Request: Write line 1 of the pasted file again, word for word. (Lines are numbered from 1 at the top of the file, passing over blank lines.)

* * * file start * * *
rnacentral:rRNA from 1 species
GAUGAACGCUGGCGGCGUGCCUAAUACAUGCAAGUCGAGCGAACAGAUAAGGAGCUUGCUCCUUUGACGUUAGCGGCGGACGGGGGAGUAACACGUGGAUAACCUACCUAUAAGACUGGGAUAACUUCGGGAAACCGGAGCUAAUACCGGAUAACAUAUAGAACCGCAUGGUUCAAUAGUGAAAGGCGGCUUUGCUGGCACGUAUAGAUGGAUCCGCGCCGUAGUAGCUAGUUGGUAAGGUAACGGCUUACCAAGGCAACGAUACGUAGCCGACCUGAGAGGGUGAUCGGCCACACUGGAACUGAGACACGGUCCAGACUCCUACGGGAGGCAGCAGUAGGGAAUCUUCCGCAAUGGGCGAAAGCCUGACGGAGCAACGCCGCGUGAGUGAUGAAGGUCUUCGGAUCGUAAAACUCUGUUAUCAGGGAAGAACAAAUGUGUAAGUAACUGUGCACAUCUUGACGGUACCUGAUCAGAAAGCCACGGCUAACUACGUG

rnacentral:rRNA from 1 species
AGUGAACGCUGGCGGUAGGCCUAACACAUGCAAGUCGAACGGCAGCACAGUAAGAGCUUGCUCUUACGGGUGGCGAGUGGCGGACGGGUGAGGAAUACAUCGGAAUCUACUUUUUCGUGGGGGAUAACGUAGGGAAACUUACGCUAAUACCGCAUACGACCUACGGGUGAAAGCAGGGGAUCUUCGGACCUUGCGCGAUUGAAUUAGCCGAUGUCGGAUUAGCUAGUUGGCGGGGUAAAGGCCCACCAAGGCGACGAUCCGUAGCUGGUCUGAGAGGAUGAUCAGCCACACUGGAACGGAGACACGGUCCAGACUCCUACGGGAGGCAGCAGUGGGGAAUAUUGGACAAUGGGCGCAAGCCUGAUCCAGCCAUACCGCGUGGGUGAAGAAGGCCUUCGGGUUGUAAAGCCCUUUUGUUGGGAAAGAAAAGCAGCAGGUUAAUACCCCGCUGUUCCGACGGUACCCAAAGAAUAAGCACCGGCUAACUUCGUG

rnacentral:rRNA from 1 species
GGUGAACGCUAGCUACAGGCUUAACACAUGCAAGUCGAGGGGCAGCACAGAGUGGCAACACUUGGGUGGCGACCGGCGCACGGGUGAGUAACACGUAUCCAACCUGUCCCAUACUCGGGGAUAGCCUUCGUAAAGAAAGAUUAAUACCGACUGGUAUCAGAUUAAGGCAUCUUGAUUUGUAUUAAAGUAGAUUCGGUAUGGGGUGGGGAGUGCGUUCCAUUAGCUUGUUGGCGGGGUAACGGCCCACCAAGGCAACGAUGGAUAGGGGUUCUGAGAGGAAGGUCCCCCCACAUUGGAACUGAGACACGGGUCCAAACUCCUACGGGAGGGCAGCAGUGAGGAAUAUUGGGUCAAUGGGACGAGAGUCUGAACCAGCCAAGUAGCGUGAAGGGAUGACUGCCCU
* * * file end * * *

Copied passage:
rnacentral:rRNA from 1 species